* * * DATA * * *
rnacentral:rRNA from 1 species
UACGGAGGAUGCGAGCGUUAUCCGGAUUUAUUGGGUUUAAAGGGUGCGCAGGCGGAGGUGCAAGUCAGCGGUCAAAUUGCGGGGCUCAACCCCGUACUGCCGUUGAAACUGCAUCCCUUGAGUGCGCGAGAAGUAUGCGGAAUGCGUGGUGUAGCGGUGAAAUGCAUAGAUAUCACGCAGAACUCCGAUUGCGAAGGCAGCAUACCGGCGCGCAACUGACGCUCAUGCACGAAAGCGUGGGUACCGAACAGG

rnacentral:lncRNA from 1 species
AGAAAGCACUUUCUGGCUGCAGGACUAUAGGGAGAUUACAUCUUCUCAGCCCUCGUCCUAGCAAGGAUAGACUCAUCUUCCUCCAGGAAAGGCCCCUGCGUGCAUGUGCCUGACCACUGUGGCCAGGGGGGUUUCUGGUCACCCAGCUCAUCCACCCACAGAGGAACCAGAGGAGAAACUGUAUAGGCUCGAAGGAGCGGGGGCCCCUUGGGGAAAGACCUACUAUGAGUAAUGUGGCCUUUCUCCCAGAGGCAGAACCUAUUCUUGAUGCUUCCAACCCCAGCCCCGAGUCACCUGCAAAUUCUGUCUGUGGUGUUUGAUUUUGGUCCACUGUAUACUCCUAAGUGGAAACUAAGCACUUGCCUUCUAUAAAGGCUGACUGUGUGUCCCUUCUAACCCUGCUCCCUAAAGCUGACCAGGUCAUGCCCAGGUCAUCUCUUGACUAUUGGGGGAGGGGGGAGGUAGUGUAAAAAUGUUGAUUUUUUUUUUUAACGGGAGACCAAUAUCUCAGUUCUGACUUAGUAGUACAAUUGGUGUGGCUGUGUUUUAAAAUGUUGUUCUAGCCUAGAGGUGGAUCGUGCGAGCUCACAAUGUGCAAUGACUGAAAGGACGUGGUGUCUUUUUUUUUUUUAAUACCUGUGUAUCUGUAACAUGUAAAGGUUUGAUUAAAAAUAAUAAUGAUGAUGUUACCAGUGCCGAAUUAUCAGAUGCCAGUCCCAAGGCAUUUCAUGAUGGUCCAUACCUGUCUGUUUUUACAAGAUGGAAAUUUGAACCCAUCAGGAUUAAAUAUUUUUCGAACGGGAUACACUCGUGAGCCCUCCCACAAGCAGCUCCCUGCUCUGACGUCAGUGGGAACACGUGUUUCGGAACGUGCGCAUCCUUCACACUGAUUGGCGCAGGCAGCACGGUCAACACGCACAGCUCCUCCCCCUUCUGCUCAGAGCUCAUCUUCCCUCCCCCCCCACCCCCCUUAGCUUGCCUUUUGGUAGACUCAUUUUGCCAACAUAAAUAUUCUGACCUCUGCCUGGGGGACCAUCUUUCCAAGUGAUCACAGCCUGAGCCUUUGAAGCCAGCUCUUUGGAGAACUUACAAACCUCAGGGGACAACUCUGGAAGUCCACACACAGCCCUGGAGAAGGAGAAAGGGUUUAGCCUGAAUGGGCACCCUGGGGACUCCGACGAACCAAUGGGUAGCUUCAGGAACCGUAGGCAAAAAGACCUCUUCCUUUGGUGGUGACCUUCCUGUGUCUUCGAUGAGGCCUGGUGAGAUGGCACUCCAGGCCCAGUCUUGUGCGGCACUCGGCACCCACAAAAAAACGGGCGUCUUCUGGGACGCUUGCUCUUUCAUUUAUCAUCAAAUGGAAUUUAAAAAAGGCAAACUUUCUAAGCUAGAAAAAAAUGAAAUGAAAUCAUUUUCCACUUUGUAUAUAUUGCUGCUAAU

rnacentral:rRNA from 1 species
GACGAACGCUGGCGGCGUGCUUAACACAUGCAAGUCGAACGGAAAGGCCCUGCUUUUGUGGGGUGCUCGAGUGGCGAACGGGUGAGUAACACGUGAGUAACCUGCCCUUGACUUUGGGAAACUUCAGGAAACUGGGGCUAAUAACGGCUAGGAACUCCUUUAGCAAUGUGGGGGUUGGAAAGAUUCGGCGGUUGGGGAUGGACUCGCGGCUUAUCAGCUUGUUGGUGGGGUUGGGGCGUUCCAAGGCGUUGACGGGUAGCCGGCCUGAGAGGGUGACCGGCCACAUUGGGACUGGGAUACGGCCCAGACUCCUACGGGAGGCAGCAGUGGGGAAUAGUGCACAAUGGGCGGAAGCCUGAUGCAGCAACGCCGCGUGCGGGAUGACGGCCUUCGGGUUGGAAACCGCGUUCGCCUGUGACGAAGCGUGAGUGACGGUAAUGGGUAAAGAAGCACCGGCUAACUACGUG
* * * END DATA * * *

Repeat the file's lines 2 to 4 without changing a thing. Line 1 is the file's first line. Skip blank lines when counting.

UACGGAGGAUGCGAGCGUUAUCCGGAUUUAUUGGGUUUAAAGGGUGCGCAGGCGGAGGUGCAAGUCAGCGGUCAAAUUGCGGGGCUCAACCCCGUACUGCCGUUGAAACUGCAUCCCUUGAGUGCGCGAGAAGUAUGCGGAAUGCGUGGUGUAGCGGUGAAAUGCAUAGAUAUCACGCAGAACUCCGAUUGCGAAGGCAGCAUACCGGCGCGCAACUGACGCUCAUGCACGAAAGCGUGGGUACCGAACAGG

rnacentral:lncRNA from 1 species
AGAAAGCACUUUCUGGCUGCAGGACUAUAGGGAGAUUACAUCUUCUCAGCCCUCGUCCUAGCAAGGAUAGACUCAUCUUCCUCCAGGAAAGGCCCCUGCGUGCAUGUGCCUGACCACUGUGGCCAGGGGGGUUUCUGGUCACCCAGCUCAUCCACCCACAGAGGAACCAGAGGAGAAACUGUAUAGGCUCGAAGGAGCGGGGGCCCCUUGGGGAAAGACCUACUAUGAGUAAUGUGGCCUUUCUCCCAGAGGCAGAACCUAUUCUUGAUGCUUCCAACCCCAGCCCCGAGUCACCUGCAAAUUCUGUCUGUGGUGUUUGAUUUUGGUCCACUGUAUACUCCUAAGUGGAAACUAAGCACUUGCCUUCUAUAAAGGCUGACUGUGUGUCCCUUCUAACCCUGCUCCCUAAAGCUGACCAGGUCAUGCCCAGGUCAUCUCUUGACUAUUGGGGGAGGGGGGAGGUAGUGUAAAAAUGUUGAUUUUUUUUUUUAACGGGAGACCAAUAUCUCAGUUCUGACUUAGUAGUACAAUUGGUGUGGCUGUGUUUUAAAAUGUUGUUCUAGCCUAGAGGUGGAUCGUGCGAGCUCACAAUGUGCAAUGACUGAAAGGACGUGGUGUCUUUUUUUUUUUUAAUACCUGUGUAUCUGUAACAUGUAAAGGUUUGAUUAAAAAUAAUAAUGAUGAUGUUACCAGUGCCGAAUUAUCAGAUGCCAGUCCCAAGGCAUUUCAUGAUGGUCCAUACCUGUCUGUUUUUACAAGAUGGAAAUUUGAACCCAUCAGGAUUAAAUAUUUUUCGAACGGGAUACACUCGUGAGCCCUCCCACAAGCAGCUCCCUGCUCUGACGUCAGUGGGAACACGUGUUUCGGAACGUGCGCAUCCUUCACACUGAUUGGCGCAGGCAGCACGGUCAACACGCACAGCUCCUCCCCCUUCUGCUCAGAGCUCAUCUUCCCUCCCCCCCCACCCCCCUUAGCUUGCCUUUUGGUAGACUCAUUUUGCCAACAUAAAUAUUCUGACCUCUGCCUGGGGGACCAUCUUUCCAAGUGAUCACAGCCUGAGCCUUUGAAGCCAGCUCUUUGGAGAACUUACAAACCUCAGGGGACAACUCUGGAAGUCCACACACAGCCCUGGAGAAGGAGAAAGGGUUUAGCCUGAAUGGGCACCCUGGGGACUCCGACGAACCAAUGGGUAGCUUCAGGAACCGUAGGCAAAAAGACCUCUUCCUUUGGUGGUGACCUUCCUGUGUCUUCGAUGAGGCCUGGUGAGAUGGCACUCCAGGCCCAGUCUUGUGCGGCACUCGGCACCCACAAAAAAACGGGCGUCUUCUGGGACGCUUGCUCUUUCAUUUAUCAUCAAAUGGAAUUUAAAAAAGGCAAACUUUCUAAGCUAGAAAAAAAUGAAAUGAAAUCAUUUUCCACUUUGUAUAUAUUGCUGCUAAU